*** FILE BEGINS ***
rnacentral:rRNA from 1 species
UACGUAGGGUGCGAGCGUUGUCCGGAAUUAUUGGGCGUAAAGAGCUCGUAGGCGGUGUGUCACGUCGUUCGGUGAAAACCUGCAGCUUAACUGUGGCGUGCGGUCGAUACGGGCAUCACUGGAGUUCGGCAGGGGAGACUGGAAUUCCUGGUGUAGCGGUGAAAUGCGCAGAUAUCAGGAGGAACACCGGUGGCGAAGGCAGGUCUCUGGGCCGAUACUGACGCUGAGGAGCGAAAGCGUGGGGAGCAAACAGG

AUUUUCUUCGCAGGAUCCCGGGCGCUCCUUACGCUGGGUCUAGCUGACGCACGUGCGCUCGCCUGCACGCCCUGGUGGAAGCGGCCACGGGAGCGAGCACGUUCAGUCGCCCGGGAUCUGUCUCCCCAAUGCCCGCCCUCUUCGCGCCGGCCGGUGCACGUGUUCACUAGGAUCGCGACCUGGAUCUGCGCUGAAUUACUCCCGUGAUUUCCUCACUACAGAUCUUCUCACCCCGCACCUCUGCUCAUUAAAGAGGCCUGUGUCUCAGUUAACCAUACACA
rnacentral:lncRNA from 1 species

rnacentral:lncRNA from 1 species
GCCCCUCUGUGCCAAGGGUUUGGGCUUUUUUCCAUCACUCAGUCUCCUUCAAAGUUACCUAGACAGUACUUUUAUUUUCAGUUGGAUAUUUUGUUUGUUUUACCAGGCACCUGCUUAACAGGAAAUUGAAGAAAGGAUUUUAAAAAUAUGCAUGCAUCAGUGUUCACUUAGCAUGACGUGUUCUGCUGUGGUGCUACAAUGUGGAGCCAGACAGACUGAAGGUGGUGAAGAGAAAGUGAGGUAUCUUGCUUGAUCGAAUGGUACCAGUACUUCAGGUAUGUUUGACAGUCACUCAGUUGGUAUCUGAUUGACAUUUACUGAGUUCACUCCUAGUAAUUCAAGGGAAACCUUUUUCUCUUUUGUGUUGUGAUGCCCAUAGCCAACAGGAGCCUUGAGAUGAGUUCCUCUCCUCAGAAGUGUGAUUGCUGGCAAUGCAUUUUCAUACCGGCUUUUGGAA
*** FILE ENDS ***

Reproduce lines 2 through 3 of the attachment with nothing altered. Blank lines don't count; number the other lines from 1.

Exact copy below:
UACGUAGGGUGCGAGCGUUGUCCGGAAUUAUUGGGCGUAAAGAGCUCGUAGGCGGUGUGUCACGUCGUUCGGUGAAAACCUGCAGCUUAACUGUGGCGUGCGGUCGAUACGGGCAUCACUGGAGUUCGGCAGGGGAGACUGGAAUUCCUGGUGUAGCGGUGAAAUGCGCAGAUAUCAGGAGGAACACCGGUGGCGAAGGCAGGUCUCUGGGCCGAUACUGACGCUGAGGAGCGAAAGCGUGGGGAGCAAACAGG

AUUUUCUUCGCAGGAUCCCGGGCGCUCCUUACGCUGGGUCUAGCUGACGCACGUGCGCUCGCCUGCACGCCCUGGUGGAAGCGGCCACGGGAGCGAGCACGUUCAGUCGCCCGGGAUCUGUCUCCCCAAUGCCCGCCCUCUUCGCGCCGGCCGGUGCACGUGUUCACUAGGAUCGCGACCUGGAUCUGCGCUGAAUUACUCCCGUGAUUUCCUCACUACAGAUCUUCUCACCCCGCACCUCUGCUCAUUAAAGAGGCCUGUGUCUCAGUUAACCAUACACA